With a new baby in the house, it can seem next to impossible to find the sleep parents needs. In fact, a recent study done by Sleep Junkie found that only 10 percent of new parents were able to get the recommended 7 hours of sleep per night. This is scary when we consider the alarming side effects of sleep deprivation, such as reduced cognitive abilities, slower response times, and an inability to focus.
Additionally, research also shows that a lack of sleep can increase the risk of developing postpartum depression. To help curb some of these dangers, we’ve compiled a list of 8 key strategies that may help new parents find relief.
Create A Schedule
At this stage in your baby’s life, establishing a sleep schedule might seem like a hopeless task. However, monitoring your baby’s sleep patterns and needs can help you create a loose schedule that works for you both. Sticking to this schedule will help you and your baby fall asleep more quickly.
Keep in mind that your baby’s needs will frequently change. Newborns to 3 months old will need around 14 to 17 hours of sleep, while infants to 12 months old will need around 12 to 16 hours of sleep.
Ask For Help
Whether you are a single parent or you have the help of a partner, never be afraid to ask for help. Consider hiring a professional sitter or nurse who can look after your baby for a few hours during the week. Even a short period of time can provide relief.
You may even consider seeking the help of friends and family. People close to you may be willing to offer their time in order to watch your baby or to help with housework and cooking. Don’t let guilt get in the way of accepting help. In most cases, they enjoy helping.
It can be frustrating when one person is shouldering the burden of nighttime feedings and diaper changes. Consider working with your partner to create a system that allows you both to share these responsibilities. If your partner is breastfeeding, consider using pumped breastmilk to feed your baby during the night so she can sleep.
If your partner is responsible for staying home with the baby during the day, this may also mean helping take care of the baby when you are home so your partner can sleep or have time for self-care.
Having a new baby comes with a lot of changes. Chances are, your stress levels are higher than normal. Because sleep can be harder to come by when we are anxious and worried, experts suggest practicing stress-reducing activities before bedtime. Consider reading, taking a warm bath or shower, practicing breathing exercises, or journaling. These practices only require 15-20 minutes of your time and can have a big impact on your ability to find sleep quickly.
Adjust Your Bedroom
Whether you are retiring to your bedroom for a nap or for the night, it will be important to have a tranquil sleep space to relax in. Consider making some of the following adjustments to your bedroom.
- Light. Because light from electronic screens can interfere with our body’s ability to produce melatonin, experts suggest avoiding exposure to these lights at least 2 hours before bed.
- Comfortable mattress. Be sure you are sleeping on a mattress that is both comfortable and supportive for you and your partner. If you frequently wake with pain in your neck, back, or shoulders, it may be time to consider replacing your current mattress.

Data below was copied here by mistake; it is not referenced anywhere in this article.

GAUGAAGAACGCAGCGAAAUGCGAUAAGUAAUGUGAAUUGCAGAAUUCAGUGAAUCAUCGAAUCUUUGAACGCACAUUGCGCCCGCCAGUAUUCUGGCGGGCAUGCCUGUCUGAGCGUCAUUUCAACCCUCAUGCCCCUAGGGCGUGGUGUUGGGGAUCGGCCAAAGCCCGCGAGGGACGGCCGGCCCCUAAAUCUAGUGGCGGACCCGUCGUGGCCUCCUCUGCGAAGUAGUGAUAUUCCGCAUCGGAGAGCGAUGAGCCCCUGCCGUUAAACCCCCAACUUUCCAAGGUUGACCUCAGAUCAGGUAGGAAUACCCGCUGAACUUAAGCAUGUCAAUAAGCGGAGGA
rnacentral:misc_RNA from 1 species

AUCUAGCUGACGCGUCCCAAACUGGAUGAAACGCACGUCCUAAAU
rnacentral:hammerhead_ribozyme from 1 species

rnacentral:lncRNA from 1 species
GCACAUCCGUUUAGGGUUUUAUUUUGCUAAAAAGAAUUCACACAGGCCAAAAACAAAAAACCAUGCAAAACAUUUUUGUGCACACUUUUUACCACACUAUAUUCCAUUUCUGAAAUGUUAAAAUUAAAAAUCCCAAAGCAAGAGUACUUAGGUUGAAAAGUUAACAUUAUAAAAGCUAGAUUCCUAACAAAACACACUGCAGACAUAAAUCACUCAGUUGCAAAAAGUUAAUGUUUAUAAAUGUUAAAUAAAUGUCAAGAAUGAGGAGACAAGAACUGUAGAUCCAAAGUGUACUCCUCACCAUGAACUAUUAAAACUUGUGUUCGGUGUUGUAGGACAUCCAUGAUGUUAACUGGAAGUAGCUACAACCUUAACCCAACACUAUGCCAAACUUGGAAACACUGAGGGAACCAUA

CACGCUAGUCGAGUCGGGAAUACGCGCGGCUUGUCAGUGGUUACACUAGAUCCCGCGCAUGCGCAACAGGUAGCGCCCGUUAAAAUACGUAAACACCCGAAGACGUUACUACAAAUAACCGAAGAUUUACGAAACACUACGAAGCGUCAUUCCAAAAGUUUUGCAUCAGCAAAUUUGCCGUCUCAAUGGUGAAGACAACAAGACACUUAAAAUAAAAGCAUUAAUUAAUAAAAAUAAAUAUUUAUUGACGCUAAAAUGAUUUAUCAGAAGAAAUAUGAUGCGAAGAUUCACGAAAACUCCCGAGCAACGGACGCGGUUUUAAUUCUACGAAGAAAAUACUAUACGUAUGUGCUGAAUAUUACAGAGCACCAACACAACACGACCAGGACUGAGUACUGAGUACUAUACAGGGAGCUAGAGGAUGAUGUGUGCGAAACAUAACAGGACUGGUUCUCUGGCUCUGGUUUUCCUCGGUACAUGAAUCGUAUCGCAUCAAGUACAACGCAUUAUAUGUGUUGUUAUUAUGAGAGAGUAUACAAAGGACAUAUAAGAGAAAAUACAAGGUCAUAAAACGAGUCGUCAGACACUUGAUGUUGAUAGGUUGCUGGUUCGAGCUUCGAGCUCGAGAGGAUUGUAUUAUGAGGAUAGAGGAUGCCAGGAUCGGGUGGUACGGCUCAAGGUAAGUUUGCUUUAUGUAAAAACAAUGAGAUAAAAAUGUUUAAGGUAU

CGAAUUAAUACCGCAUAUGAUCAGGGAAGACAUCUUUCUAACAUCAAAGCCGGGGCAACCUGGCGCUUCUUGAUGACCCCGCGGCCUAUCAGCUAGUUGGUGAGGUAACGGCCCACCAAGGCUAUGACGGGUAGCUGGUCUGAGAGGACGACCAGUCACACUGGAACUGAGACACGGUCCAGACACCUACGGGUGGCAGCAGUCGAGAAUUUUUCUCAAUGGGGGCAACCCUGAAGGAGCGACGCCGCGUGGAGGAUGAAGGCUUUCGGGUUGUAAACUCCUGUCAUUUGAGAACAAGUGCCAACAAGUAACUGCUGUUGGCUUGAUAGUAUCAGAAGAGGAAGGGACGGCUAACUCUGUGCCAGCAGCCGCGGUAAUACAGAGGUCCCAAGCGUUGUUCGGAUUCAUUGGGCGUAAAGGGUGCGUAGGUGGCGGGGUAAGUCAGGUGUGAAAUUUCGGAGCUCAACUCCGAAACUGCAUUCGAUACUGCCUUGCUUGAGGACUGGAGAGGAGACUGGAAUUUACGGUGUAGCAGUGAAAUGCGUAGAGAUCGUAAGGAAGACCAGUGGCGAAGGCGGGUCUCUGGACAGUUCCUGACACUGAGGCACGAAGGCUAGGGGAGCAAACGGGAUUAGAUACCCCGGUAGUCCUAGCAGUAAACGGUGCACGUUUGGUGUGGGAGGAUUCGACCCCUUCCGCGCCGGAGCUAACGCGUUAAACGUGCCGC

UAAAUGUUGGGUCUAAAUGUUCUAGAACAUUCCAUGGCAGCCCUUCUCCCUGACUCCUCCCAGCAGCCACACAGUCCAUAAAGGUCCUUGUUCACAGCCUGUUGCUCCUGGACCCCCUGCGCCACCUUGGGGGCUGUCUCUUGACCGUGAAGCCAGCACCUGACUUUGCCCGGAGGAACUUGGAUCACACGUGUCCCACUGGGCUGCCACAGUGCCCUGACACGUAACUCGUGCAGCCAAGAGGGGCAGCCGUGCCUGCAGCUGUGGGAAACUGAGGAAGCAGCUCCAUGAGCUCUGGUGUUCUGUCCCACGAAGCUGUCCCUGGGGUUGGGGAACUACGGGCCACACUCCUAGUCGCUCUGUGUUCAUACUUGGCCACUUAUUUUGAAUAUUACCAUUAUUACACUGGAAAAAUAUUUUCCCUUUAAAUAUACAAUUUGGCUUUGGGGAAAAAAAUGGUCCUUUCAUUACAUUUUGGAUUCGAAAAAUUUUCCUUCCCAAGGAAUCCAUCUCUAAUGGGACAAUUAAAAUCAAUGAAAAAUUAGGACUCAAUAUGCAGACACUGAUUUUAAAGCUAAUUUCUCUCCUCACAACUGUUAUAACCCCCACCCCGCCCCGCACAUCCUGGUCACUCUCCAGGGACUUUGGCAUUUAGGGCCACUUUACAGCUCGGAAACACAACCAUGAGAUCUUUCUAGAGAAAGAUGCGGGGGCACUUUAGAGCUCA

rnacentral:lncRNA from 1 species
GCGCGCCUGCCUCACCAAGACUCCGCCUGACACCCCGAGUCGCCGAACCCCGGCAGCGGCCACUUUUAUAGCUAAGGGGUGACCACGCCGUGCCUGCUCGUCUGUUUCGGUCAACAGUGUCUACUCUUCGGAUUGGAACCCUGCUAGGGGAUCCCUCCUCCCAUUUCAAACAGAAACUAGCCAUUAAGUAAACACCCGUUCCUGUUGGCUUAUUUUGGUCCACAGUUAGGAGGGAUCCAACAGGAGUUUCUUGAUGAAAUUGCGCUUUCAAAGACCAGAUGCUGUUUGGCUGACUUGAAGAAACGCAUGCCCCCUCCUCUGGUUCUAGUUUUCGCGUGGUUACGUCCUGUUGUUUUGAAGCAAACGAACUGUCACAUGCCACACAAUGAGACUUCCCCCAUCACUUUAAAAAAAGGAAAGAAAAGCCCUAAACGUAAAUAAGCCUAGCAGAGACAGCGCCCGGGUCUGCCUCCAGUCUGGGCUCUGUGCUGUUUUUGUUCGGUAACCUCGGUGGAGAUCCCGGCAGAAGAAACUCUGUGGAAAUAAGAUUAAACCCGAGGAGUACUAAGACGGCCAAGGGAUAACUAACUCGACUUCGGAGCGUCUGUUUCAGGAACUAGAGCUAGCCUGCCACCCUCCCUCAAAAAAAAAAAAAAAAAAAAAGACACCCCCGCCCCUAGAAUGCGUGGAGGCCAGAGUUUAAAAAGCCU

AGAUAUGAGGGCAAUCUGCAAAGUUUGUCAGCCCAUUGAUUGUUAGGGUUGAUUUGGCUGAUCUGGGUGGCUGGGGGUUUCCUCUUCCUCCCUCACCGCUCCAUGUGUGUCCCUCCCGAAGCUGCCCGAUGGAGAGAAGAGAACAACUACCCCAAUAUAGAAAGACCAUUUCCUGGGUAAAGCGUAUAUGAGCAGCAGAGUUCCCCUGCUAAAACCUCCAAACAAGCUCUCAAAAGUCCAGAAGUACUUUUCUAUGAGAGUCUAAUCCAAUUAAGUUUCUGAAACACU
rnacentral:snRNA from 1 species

- Clutter. To keep your sleep space stress free, be sure to remove clutter such as laundry, mail, paperwork, or exercise equipment from your bedroom.
- Temperature. Because our body temperature tends to drop during sleep, experts suggest keeping your bedroom around 60 to 67 degrees.
Sleep When Your Baby Sleeps
When your baby finally falls asleep, it can be tempting to want to catch up on the news, your social life, or household chores, but this will only lead to further exhaustion. When if you don’t feel ready for sleep, just laying down and closing your eyes can give your mind and body a short respite.
Avoid Making Additional Commitments
As adults, there are numerous demands on our time. However, with a new baby at home, it is best to avoid making any additional commitments beyond caring for your baby right now. Do not feel pressured to accept invitations or to volunteer for anything at this time. Your sleep and self-care should come first. After all, when you are taking care of yourself, you are ultimately taking care of your baby.
Keep Them Close
Although there are many schools of thought on bedroom sharing with your baby, experts suggest this can help to reduce separation anxiety for both the baby and the parents. They point out that if your baby wakes in the middle of the night, they may have trouble falling back sleep due to fear that this separation is not temporary. If your baby is close by, it can be easier for you to reassure them that they are safe, allowing them to fall back asleep more quickly. This also seems to reduce parental fears regarding the safety of the baby. In fact, research even suggests that room-sharing has been linked with a lower risk of sudden infant death syndrome (SIDS).
However, be sure you only put your baby down to sleep in a crib or bassinet designed for infant sleeping. Beds, couches, and futons can be dangerous for babies. They can become trapped between headboards or footboards, cushions, or railings.
This stage of your baby’s life can be frustrating, just remember, it doesn’t last forever. Be patient with yourself and do your best to find moments for sleep and self-care.